It’s a hard life on the Mwanza streets. A physical life, a life living hand to mouth. The streets of Mwanza are populated by traders. Some sell food, everything from popcorn and peanuts to barbecued beef and bananas. Some sell Tanzanian Maps and Rat Killer. Others repair shoes, others carve and sell stamps. Still others make and sell bangles and other jewelry or pieces of Art work.
Vitumbua (African Donuts) – delicious
Corn on the Cob
Pop Corn and Peanuts
Barbecued Cassava Root – tastes like a cross between Chestnuts and Potato
Mishkaki – spiced skewered meat (goat or beef)
All of the above scrapping a living from their wares, day by day, week by week. We have got to know some of these guys (they are in the main male). Musa who repairs shoes near the Traffic Light is a really nice guy who is just trying to better himself. John is a street seller who makes bracelets. Both have in the past approached us for small loans (there is no shame in doing so here). They don’t take something for nothing indeed John sold me some bracelets for 8000TZS (about £3.20 the money from which he will use to buy small screw threads with which to connect necklaces. I had no qualms in doing so – I’d much rather give to something positive rather than to a beggar. For me 8000 was really nothing and I wouldn’t do that for anyone. Similarly Musa has asked for some money to repaIr his shoe repair stand. I paid extra for the repairs to my sandals – he charges only 20000TzS (80p) for repairs! I hope I’m not coming across as altruistic or naive, but giving examples of what happens here.
There are of course the beggars and the street children as well as those better off who beg for money – I am less likely to give to those and certainly in smaller quantity (a larger sum would probably be stolen off the weaker ones anyway. The prase “Give Me My Money” is often heard and is particularly grating. This is possibly s mistranslation on their part from Kiswahili into English, but it is not conducive to charitable giving, especially when associated with Mzungu!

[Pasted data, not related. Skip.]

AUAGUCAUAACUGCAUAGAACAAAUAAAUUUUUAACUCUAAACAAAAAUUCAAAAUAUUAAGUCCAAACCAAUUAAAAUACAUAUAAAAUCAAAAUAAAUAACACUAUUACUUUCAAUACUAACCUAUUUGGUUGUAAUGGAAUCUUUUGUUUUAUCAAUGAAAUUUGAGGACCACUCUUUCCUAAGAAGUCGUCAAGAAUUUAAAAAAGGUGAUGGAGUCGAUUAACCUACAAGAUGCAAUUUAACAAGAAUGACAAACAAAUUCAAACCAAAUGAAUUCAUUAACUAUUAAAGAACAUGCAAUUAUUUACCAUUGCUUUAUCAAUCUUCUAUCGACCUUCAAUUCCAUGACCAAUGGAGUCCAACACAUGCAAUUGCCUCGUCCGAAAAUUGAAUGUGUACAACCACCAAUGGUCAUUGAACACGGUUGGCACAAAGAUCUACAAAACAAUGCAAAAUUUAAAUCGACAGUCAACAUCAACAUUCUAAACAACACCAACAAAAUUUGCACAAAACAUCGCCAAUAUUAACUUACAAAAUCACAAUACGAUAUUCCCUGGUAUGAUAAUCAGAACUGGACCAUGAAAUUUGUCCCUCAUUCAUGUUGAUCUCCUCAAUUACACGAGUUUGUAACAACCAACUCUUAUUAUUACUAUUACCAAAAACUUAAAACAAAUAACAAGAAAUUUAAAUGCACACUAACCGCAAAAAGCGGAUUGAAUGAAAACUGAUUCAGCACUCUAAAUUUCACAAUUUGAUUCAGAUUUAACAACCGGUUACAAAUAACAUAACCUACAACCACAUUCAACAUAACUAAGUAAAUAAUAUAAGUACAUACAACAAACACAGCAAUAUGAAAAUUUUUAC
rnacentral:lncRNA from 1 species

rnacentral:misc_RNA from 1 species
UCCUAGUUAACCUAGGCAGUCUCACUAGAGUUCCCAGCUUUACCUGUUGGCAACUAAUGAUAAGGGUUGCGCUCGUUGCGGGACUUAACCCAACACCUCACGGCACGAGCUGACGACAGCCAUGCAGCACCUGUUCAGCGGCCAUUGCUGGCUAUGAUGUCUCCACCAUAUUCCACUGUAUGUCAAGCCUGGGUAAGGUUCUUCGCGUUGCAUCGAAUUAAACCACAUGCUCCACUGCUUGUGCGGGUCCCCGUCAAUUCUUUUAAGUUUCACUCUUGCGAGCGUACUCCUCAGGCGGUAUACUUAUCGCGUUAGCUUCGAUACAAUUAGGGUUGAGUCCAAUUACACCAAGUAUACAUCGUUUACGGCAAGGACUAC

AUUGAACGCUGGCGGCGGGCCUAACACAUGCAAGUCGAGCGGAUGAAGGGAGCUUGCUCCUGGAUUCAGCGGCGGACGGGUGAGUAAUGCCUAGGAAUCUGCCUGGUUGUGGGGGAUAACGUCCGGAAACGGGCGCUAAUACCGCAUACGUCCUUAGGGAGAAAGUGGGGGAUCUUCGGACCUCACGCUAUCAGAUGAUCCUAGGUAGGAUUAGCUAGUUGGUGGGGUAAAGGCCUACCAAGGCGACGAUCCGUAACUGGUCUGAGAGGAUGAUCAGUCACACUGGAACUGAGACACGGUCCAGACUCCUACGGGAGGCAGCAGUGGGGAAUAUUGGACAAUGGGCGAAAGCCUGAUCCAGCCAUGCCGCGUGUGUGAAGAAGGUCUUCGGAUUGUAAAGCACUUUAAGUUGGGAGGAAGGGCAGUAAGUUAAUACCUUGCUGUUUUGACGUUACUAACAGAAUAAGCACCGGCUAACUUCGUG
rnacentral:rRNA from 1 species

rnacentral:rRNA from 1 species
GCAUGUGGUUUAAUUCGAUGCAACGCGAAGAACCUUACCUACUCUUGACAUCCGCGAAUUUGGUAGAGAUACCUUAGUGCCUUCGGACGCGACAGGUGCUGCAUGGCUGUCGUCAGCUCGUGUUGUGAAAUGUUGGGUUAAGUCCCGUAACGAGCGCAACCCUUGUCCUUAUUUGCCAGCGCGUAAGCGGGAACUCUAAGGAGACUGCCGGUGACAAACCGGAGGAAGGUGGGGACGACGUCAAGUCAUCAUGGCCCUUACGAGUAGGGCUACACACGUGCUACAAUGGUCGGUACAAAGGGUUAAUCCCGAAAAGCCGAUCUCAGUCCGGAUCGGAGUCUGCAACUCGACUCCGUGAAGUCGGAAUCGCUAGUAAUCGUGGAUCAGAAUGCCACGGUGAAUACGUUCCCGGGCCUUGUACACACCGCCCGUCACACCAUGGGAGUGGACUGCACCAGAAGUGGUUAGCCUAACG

Today’s post is more reflective. Looking back on yesterday’s Car Boot Sale it was an interesting view of society and the cultural mix.
In my descriptions I refer to people’s nationality – some of this is guesswork based on voices or looks and in no way is meant to be disrespectful, but to reflect the cultural mix at the MK Bowl. In fact having got myself up before 5am on this occasion I admire the fortitude and perseverance of all those people seeking to better themselves through sacrifice on a regular basis, especially on a cold inhospitable morning as yesterday.
In the ’90s Blur released a single Parklife which was apparently about the people they saw in London parks on there way to recording studios.
Here I share my take on “Bootlife”
The car boot sale is held every Sunday at the MK bowl, a large circular arena with a long path surrounding it’s upon which stall holders are setting up.
We arrive at 4:45am and within seconds we are approached from out of the gloom by people who begin rooting through our goods as we unpack, many are silent and don’t really acknowledge us as we insist we’re not ready. One lady engages Anita in conversation and we discover she works night shift at Sainsbury and likes to come along to the car boot sale on her way home.
Just after 5:30am fellow traders begin to arrive – experienced booters who are looking for bargains from the amateurs like us. One guy buys our entire collection of Doctor Who characters – these are tough bargainers who won’t take no for an answer.